The summer months are upon us, which, for many people, means that it is time to head to the cabin. A dip in the lake, or fishing for trout in a mountain stream are great ways to spend your summer days. However, owning a cabin is not all fun and games. Before you invest in a summer retreat, consider some of these all important tips.
Finding the Right Location
As the old saying goes, the three most important elements of any real estate deal are location, location, location. This is especially true when buying a summer home. After all, the whole point of buying the place is to have a quiet place to relax and enjoy the great outdoors, so you’ll want access to outdoor recreation spots, like a beach or stream. Many people buying a cabin already know the area well. They’ve spent the past several summers renting cabins in the area, or they have friends or family that own a place. Don’t make the mistake of buying a place without testing the area out thoroughly first. Airbnb and VRBO make it easier than ever to rent a quiet lakeside retreat for the weekend, allowing you to figure out the best location to spend your summer days.
Another mistake cabin buyers make is getting a place that’s just too far from home. After the initial excitement wears off, the four-hour drive out of town just feels grueling, and trips become increasingly infrequent. Be realistic about how much time you’re willing to spend on the road, especially if you’re traveling with noisy, impatient kids in the backseat.
Figuring Out the Finances
Finding the perfect place to spend the summer is only half of the battle. Figuring out how to pay for it is the other half. Getting a mortgage for a second home can be a little more difficult than with your primary home. That first home will count against you when the lender looks at your total debt-to-income ratio, so it’s a good idea to pay off as much of your other debt as possible before you start scouting potential locations for your perfect summer home.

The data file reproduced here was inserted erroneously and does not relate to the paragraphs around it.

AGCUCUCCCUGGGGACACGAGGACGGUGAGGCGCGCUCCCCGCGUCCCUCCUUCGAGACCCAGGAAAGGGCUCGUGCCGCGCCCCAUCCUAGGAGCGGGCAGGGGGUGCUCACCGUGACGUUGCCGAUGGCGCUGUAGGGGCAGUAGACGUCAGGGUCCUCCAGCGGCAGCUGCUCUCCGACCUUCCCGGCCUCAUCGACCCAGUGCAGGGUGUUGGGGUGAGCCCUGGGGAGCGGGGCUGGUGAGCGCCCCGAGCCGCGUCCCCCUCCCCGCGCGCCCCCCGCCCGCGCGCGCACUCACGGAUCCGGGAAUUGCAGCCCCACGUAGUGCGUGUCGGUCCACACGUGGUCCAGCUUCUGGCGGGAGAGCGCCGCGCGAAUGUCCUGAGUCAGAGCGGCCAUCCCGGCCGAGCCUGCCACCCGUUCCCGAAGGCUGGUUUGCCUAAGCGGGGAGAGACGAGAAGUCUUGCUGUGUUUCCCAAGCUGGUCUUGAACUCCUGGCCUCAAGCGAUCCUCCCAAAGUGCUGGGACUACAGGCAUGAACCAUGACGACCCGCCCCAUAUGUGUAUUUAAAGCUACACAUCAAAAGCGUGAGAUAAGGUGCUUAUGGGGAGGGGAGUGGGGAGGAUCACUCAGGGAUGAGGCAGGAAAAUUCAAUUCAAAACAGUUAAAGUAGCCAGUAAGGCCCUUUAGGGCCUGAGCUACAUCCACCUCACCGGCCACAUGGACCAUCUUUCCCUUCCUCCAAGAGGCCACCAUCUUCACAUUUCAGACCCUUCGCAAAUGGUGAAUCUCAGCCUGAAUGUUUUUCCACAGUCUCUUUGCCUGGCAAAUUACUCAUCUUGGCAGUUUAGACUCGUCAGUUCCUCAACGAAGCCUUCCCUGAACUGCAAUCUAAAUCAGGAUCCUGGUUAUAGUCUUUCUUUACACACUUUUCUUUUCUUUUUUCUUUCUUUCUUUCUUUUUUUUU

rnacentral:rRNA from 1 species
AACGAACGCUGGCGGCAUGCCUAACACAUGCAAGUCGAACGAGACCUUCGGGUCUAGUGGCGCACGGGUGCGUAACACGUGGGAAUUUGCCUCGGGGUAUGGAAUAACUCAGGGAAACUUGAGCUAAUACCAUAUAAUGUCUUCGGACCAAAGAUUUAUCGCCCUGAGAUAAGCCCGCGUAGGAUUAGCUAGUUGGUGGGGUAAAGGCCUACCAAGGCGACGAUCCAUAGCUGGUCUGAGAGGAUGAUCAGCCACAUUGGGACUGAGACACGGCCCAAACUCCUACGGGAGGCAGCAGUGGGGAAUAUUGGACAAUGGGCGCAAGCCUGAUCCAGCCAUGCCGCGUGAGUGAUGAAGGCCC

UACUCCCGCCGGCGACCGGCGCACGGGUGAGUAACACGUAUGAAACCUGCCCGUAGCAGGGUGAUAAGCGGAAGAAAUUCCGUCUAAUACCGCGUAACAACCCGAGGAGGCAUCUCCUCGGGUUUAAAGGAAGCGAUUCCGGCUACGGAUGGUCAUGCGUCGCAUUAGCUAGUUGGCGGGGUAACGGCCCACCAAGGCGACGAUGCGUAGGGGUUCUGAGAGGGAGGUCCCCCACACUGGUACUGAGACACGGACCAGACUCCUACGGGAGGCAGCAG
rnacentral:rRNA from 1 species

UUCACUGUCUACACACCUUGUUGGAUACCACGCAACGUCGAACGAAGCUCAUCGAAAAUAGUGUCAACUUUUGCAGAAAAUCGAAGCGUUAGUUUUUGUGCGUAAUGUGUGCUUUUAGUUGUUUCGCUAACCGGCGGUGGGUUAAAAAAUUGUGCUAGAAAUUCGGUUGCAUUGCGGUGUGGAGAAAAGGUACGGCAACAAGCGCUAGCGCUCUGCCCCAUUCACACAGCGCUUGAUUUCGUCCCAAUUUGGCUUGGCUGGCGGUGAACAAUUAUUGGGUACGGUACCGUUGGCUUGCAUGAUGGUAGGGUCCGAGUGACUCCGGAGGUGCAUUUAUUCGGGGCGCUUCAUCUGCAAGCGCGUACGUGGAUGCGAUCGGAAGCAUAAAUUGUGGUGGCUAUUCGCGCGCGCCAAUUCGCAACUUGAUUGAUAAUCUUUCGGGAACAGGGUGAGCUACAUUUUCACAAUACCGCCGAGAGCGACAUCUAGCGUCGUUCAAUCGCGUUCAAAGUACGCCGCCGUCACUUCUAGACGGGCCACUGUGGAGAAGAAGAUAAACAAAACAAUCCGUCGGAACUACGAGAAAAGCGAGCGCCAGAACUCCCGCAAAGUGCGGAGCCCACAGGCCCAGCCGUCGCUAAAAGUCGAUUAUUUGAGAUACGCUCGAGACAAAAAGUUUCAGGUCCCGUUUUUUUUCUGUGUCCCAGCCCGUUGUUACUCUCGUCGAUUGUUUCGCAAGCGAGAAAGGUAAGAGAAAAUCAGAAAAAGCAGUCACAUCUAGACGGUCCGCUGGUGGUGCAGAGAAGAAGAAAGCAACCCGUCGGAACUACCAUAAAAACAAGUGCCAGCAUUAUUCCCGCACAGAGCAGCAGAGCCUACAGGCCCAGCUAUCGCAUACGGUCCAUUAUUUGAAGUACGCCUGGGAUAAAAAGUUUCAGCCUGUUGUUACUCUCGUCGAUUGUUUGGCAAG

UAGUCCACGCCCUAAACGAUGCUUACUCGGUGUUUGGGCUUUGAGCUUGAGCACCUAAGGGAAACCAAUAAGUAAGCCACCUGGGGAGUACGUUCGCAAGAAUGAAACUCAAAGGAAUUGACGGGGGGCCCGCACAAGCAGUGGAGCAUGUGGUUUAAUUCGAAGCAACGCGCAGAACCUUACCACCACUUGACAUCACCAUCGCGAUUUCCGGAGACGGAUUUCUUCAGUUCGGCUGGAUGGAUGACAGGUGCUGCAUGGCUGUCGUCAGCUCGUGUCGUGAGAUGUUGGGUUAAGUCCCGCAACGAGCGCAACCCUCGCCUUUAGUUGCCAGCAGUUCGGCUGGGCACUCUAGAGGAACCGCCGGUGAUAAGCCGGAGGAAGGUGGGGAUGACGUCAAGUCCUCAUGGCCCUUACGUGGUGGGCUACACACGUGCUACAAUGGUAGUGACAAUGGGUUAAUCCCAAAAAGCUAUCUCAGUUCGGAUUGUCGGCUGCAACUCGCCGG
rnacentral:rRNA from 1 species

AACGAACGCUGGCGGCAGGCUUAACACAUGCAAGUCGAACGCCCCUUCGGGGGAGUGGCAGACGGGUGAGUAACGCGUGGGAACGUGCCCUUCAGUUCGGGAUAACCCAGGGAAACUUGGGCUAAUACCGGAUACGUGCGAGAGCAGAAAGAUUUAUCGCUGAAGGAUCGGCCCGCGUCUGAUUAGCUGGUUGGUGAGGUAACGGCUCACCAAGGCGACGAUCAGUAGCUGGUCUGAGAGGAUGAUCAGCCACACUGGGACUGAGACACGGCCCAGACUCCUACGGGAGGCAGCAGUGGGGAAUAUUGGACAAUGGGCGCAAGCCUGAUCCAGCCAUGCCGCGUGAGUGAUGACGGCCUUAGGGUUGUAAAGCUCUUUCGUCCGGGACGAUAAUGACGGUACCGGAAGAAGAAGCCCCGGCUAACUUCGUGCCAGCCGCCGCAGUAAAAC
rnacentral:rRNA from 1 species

While the added debt can be daunting, there are some financial advantages to owning a second home. Just like with your main home, you’ll be able to deduct your mortgage interest on your summer home, as well as any property tax that you pay, which can be a significant savings on your taxes.
Some people rent out their summer homes to help pay for the place. While this can make owning a second home more affordable, keep in mind that if you rent the place out for more than 14 days per year, you’ll have to declare your rental income on your taxes.
For city dwellers used to modern-day conveniences, maintaining a rustic cabin in the woods can be a bit of a learning curve. For instance, many cabins don’t have access to a municipal sewage system, which means you’ll have to quickly come up to speed on proper septic tank maintenance. Cabins in frigid environments also come with a number of issues that you should be aware of, like taking care of a wood-burning stove, flushing out the pipes in the fall to prevent them from bursting, or winterizing a cabin for cold-weather use.
In addition to all of the cabin-specific maintenance, you’ll also have to deal with all of the usual home maintenance. That means you’ll have to set aside extra money for major repairs, like a leaky roof or a bad water heater.